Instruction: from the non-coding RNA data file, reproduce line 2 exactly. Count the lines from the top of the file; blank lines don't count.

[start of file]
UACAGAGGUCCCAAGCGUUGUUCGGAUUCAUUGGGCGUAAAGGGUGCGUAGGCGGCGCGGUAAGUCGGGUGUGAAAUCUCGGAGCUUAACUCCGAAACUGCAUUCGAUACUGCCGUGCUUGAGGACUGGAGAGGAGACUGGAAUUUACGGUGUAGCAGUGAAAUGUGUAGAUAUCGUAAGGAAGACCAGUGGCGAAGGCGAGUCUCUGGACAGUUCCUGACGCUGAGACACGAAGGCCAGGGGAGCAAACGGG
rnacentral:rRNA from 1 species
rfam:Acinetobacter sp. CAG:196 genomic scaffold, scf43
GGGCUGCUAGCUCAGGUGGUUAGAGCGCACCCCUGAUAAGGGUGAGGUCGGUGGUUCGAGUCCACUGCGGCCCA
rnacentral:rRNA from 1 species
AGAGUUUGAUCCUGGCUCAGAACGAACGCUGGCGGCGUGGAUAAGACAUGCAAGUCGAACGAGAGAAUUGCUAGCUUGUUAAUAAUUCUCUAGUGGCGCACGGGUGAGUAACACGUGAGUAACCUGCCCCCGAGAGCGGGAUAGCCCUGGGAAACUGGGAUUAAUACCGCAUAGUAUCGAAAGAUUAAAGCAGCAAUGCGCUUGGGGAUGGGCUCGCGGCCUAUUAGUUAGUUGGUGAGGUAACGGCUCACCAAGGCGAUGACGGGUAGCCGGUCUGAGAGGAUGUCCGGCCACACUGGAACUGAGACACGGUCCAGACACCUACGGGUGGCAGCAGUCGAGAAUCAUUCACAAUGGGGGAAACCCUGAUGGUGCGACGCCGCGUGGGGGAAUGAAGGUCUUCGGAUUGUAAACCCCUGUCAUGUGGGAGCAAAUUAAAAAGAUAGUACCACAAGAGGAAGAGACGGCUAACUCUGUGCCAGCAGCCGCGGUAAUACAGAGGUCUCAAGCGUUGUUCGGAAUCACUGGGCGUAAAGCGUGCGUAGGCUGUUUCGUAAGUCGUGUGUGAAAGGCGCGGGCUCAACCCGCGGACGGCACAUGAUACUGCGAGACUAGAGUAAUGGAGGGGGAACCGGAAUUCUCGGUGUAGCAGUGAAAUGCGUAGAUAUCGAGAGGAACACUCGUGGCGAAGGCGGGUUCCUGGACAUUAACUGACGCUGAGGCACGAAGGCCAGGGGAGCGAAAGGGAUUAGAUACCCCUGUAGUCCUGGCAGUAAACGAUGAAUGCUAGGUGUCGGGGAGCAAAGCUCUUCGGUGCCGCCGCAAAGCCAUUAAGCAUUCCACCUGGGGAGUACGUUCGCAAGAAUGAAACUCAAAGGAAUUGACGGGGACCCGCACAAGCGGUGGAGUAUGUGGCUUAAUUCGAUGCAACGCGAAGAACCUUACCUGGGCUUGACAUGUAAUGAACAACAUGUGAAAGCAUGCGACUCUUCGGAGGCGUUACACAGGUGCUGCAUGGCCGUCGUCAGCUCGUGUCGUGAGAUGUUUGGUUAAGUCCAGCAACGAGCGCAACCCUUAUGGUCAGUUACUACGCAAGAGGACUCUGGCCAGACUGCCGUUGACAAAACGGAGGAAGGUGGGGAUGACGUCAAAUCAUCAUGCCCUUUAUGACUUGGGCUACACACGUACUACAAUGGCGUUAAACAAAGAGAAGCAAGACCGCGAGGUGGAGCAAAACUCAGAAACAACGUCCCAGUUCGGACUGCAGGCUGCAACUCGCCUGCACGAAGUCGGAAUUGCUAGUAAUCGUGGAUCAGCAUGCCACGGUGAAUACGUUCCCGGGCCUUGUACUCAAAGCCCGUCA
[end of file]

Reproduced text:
rnacentral:rRNA from 1 species